After noting that the first half of the walk was exceptionally tough - essentially because of a long climb and a steep descent - we opted to join our bags in a taxi we'd hired to take them to Gijón and to get out half-way, in Peón. And this is how I came to chat with the fastest-talking taxista in Spain and to get his strong endorsement of a decision to buy one of those new bikes with a motor hidden in one of the struts.
Before leaving Villaviciosa, we breakfasted comprehensively in a charming café, courtesy of the hotel :
Setting off from Peón, we immediately came across this place, which might or might not have something to do with cider.
And then this charming example of the Asturian version of the Galician horreo, or corn store.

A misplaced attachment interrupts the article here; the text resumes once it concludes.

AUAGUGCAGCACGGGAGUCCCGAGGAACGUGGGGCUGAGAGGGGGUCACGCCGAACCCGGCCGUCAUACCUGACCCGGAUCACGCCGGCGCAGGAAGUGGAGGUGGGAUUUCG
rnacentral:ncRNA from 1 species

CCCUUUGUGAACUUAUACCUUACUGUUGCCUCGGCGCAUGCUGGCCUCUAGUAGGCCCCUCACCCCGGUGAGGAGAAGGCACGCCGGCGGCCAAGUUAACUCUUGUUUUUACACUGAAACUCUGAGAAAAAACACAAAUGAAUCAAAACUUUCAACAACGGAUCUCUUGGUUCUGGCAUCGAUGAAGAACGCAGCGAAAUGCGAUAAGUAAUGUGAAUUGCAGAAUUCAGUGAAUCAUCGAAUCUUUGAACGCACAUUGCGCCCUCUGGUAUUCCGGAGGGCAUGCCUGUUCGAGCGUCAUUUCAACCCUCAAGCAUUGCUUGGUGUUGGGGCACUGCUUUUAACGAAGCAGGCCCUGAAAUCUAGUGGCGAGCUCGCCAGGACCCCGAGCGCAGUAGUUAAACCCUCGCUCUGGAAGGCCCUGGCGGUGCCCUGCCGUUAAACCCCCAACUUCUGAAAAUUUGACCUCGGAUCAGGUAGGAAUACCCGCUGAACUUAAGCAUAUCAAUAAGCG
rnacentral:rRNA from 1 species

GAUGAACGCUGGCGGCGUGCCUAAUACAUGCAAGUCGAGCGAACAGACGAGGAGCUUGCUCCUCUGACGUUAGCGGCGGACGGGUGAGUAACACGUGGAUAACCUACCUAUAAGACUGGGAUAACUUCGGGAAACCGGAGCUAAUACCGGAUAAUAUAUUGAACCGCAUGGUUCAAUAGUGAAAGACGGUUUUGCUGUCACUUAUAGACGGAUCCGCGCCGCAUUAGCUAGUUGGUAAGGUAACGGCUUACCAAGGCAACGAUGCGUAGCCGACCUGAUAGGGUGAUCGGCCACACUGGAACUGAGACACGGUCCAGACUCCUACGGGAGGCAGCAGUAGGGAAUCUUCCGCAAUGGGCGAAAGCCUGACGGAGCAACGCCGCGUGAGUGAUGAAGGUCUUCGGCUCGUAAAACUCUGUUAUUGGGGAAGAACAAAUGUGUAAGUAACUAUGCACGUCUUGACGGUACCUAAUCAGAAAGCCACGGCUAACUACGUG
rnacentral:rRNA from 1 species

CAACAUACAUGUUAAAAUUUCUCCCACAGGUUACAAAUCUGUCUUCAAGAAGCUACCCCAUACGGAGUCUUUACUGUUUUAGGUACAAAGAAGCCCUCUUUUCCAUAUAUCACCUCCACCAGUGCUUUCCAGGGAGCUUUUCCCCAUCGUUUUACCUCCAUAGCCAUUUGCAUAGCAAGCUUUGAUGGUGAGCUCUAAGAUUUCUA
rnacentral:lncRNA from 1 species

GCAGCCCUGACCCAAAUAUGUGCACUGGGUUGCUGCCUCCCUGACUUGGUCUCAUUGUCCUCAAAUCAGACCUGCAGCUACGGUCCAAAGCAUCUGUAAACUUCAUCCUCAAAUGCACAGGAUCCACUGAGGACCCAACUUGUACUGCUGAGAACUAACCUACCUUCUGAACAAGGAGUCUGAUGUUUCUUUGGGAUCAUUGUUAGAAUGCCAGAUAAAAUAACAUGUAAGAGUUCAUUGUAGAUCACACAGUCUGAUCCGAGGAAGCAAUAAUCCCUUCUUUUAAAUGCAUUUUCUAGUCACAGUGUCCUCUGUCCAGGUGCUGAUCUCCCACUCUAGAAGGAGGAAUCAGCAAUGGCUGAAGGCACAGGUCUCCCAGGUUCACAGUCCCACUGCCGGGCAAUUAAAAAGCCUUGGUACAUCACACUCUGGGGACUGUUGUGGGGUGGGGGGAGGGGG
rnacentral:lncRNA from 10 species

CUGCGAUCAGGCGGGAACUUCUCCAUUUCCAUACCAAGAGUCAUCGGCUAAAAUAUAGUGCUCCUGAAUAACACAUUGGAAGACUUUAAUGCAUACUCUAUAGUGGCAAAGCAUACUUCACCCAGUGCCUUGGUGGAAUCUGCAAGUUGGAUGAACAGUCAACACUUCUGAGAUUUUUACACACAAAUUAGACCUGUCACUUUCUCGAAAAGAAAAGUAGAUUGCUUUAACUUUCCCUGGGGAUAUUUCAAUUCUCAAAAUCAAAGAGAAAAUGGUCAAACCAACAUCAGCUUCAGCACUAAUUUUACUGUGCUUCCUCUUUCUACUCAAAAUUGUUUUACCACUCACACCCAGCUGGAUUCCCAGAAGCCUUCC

Soon, though, we were climbing once again, the reward being wonderful views of the Peón valley that we'd left behind. Though the camera doesn't really do justice to it:
These are fotos taken to try to give an idea of the gradient but, as with the valley, the camera fails to spell out the truth. In fact, it can be hard to tell whether the slope is going up or down! I suppose it's both;
It wasn't long before we hit traditional Asturian paths - steep and strewn with rocks and mud:
The Black Hole of Asturias:
But the summit offered us a bar-cum-shop and that rare Spanish sight, a TV that isn't switched on and blaring:
Ditto this fountain next to it:
A short shower gave me the opportunity to don a rain cape I'd carried on 6 caminos but never before had to use. It's been described by a friend as a red condom. My excuse is that it was given to me by a gay friend:
Old quarter stuff:
The town hall
Today, we're off to Oviedo for another bit of sightseeing. Then, tomorrow, it's back to a world of elections and Brexits. And others of life's nonsenses.